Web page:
(Reuters) - California regulators said on Monday they will open a formal probe of whether utilities violated any rules by cutting power to millions of residents for days as a precaution during recent periods of high winds and heightened wildfire risks.
The announcement did not single out any utilities by name, but the bulk of “public safety power shut-offs” under scrutiny were implemented by Pacific Gas and Electric Co, a unit of PG&E Corp (PCG.N), California’s largest investor-owned utility.
PG&E filed for bankruptcy in January, citing $30 billion in civil liability from major wildfires sparked by its equipment in 2017 and 2018, including last year’s Camp Fire, which killed 85 people and incinerated most of the Northern California town of Paradise. That fire ranks as the state’s deadliest on record.
Responding to the latest windstorms over the weekend, PG&E turned off electricity to 970,000 homes and workplaces in 37 counties in northern and central California, encompassing millions of people across more than half of PG&E’s service area of 70,000 square miles.
That tally far surpassed the previous record planned outage of 730,000 customers during high winds two weeks ago.
Even as PG&E crews scrambled on Monday to inspect power lines and restore electricity after winds subsided, the utility announced plans for yet another round of shut-offs expected to leave as many as 605,000 customers off the grid on Tuesday and Wednesday, when extreme winds are forecast to return.
The company, which has defended the mass outages as a matter of public safety, said it had logged more than 20 preliminary reports of damage to its system from the most recent windstorm.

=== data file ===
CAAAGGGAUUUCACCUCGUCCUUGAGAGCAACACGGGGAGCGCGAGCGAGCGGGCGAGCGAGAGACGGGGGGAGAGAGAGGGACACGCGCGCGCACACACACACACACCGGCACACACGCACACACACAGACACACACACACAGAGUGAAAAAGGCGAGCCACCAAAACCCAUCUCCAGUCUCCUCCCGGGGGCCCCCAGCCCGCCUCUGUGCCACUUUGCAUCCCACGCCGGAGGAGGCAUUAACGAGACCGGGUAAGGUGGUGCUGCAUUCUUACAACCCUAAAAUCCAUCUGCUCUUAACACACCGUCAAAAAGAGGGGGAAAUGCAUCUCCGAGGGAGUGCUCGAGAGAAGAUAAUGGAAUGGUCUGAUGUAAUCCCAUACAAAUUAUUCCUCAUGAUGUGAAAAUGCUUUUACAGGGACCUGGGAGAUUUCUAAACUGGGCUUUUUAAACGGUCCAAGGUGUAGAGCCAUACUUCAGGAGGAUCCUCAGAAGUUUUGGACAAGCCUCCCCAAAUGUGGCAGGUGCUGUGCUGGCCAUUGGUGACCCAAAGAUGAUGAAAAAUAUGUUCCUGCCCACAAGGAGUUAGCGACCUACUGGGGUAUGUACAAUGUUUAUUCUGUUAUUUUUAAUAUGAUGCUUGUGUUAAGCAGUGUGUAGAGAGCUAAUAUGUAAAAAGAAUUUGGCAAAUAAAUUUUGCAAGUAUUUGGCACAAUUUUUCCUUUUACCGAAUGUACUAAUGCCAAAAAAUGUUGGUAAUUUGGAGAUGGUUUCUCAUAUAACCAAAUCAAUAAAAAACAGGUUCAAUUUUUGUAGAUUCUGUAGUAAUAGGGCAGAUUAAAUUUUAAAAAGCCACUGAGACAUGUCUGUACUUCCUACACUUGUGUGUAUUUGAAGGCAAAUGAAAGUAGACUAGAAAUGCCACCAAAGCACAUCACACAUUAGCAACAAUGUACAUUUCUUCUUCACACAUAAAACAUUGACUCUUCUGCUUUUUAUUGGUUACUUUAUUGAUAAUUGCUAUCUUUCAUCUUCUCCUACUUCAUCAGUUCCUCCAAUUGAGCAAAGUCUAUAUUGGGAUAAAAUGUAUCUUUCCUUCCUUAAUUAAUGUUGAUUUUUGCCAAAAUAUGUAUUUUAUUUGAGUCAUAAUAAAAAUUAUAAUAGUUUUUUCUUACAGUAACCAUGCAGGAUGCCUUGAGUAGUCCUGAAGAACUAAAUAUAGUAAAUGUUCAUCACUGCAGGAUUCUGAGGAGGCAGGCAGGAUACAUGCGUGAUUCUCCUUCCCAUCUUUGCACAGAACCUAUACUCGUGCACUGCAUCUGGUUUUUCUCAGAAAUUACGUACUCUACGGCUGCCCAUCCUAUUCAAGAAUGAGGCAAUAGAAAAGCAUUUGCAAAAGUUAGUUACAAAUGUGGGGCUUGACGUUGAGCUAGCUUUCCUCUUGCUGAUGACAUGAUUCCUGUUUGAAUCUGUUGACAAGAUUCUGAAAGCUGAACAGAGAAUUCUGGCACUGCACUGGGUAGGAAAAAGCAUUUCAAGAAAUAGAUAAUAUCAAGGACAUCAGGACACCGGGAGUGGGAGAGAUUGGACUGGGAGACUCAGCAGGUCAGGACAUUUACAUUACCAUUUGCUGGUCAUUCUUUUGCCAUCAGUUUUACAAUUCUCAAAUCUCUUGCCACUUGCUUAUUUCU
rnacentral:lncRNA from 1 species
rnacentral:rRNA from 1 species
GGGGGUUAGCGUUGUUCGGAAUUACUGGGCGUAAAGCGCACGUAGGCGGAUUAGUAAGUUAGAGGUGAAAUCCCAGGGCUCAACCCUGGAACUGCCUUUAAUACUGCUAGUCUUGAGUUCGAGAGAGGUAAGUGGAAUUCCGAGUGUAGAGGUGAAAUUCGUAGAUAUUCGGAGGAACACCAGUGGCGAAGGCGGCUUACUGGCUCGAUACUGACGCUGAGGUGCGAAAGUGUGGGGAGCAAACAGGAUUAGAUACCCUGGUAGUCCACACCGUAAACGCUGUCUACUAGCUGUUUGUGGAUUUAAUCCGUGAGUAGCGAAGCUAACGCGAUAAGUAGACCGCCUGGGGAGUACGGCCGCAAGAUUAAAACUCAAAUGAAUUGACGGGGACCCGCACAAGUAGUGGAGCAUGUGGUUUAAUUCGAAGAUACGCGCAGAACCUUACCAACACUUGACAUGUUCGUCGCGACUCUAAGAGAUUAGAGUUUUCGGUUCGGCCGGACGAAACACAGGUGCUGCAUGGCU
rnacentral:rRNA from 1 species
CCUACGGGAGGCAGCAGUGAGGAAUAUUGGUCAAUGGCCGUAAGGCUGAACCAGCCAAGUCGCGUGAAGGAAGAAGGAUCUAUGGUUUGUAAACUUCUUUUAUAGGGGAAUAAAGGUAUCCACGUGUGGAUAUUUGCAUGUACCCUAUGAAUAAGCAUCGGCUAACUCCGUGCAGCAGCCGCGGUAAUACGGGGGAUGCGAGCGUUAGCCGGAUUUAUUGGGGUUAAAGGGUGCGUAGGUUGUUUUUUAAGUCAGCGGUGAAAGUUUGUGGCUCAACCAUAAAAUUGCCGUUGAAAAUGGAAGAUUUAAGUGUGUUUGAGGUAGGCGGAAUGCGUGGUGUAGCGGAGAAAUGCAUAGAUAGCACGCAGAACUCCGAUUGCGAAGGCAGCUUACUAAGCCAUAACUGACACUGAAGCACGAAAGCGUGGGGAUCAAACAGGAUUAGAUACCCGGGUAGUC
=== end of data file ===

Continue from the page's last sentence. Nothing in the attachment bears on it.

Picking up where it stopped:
The precautionary blackouts have drawn sharp criticism from the governor and state regulators as being too widespread and disruptive, as well as poorly managed and communicated.
California Governor Gavin Newsom has said PG&E is largely to blame, arguing that corporate greed and mismanagement kept the utility from upgrading its infrastructure while wildfire hazards have steadily worsened over the past decade.
He has vowed that PG&E and other utilities would be “held to account” for their lapses by the new California Public Utilities Commission president he appointed in July, Marybel Batjer.
The agency’s statement on Monday said its safety and enforcement division will ask commissioners in the next 30 days to open an investigation of the outages.
The inquiry will examine utility compliance with agency regulations, as well as “any resulting violations” and potential penalties, the statement said.
Fines of up to $100,000 per violation per day and additional penalties can be assessed for violations, agency spokesman Christopher Chow said. PG&E was previously slapped with a record $1.6 billion penalty for a deadly 2010 gas pipeline explosion in San Bruno, California.
Batjer also plans to reevaluate protocols for precautionary outages and how utilities can minimize them.
Responding to the commission, PG&E said, “We are constantly working to minimize the impact of these safety shut-offs while prioritizing public safety.” It said the blackouts’ only purpose “is to reduce the risk of catastrophic wildfire in the communities that we serve.”
PG&E acknowledged last week that a major wildfire in Sonoma County wine country erupted near a damaged a transmission tower owned by the utility at about the time a live high-voltage line carried by that tower malfunctioned.
Reporting by Peter Henderson in San Francisco; Writing and additional reporting by Steve Gorman in Culver City, California; Editing by Sandra Maler, Cynthia Osterman and Edwina Gibbs